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Ben Jones
Ben Jones, UK Lawyer
Category: Law
Satisfied Customers: 50209
Experience:  Qualified Solicitor
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i have worked offshore on a drilling rig years for

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i have worked offshore on a drilling rig years same company, 6 months ago I was on the rig and became ill and had to leave the rig to get medical help. I was diagnosed with type 1 diabetes and have been off work since then +/- 6 months. Since then my condition is under control and have been trying to get back to work but the company are saying I cannot return offshore. They have been trying to find me a position within the company now and seem to be getting nowhere! They have also said if they cannot find a job then I will no longer have a job and there will be no severence due either? Is this correct procedure as it seems very unfair that this could happen?
Ben Jones : , my name is ***** ***** it is my pleasure to assist you with your question today. Do you agree thee are no other alternative positions with the company?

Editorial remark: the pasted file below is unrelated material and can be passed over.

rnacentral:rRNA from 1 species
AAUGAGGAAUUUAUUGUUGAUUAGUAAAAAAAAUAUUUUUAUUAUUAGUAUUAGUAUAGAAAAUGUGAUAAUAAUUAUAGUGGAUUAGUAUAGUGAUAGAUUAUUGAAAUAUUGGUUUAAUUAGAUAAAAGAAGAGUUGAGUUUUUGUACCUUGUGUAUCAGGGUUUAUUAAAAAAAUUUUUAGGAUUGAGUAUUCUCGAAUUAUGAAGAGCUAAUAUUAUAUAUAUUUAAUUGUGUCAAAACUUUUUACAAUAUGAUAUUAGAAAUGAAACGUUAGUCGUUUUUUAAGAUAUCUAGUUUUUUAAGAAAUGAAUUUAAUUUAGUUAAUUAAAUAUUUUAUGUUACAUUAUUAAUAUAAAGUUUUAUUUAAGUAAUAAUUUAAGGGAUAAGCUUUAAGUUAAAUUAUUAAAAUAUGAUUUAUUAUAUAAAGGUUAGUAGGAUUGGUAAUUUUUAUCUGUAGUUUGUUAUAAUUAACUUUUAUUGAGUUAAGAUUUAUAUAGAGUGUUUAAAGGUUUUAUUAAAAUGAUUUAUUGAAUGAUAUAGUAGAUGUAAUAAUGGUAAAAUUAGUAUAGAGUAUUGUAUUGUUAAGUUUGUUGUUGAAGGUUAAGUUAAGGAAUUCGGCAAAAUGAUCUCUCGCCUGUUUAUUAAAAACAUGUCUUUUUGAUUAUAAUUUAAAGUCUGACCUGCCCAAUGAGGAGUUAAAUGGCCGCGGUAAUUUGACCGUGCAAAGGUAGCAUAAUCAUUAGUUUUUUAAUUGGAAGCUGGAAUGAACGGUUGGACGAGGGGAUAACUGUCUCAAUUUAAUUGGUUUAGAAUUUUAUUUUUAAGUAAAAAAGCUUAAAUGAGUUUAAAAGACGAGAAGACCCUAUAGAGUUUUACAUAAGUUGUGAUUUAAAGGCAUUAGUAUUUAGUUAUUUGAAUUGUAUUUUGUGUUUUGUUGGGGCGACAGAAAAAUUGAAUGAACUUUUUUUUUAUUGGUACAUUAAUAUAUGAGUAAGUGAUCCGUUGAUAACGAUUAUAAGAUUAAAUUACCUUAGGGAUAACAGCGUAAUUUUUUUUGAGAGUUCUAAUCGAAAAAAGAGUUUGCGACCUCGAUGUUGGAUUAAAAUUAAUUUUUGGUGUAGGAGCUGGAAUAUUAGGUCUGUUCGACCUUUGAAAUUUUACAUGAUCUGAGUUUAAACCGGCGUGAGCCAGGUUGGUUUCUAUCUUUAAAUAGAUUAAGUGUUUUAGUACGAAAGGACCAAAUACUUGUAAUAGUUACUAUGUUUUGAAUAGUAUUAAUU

Customer: Thanks . I just think that it's strange that such a big company which has rigs and offices all over the world cannot cater because I am diabetic! When I hear that there are people with diabetes working offshore companies. to tell me they are struggling to find me a position and that they feel they have no obligation to " pay me off " seems strange to me, as I have been with them years. Being only 30 yrs old and a good career ahead of me it's very disappointing
Ben Jones :

Good morning and my sincere apologies slight delay, I experienced some temporary connection issues last night and could not return to the site. All seems to be resolved now so I can continue with my advice.

Capability, where an employee is unable to perform their job due to ill health, is a potentially fair reasons an employee under the Employment Rights Act 1996. The definition of ‘capability’ includes competence (skill and aptitude), health (any mental/physical quality) and qualifications.

Whether a capability dismissal is fair will depend on the particular circumstances and the procedure that was followed. The employer needs to show they had reasonable grounds to believe that the employee was incapable of performing their job and that nothing further could be done to assist them. In the end they need to show that dismissal was a reasonable decision to take. The courts have held that an important consideration is whether any reasonable employer would have waited longer in the circumstances before dismissing the employee.

When looking at the reasonableness of such a dismissal, the tribunal will usually look at the following elements:

  • What was the nature of the illness

  • Was the employee consulted over their position and did the employer try to ascertain the true medical position

  • What was the likelihood of the employee returning to work or the illness reoccurring in the future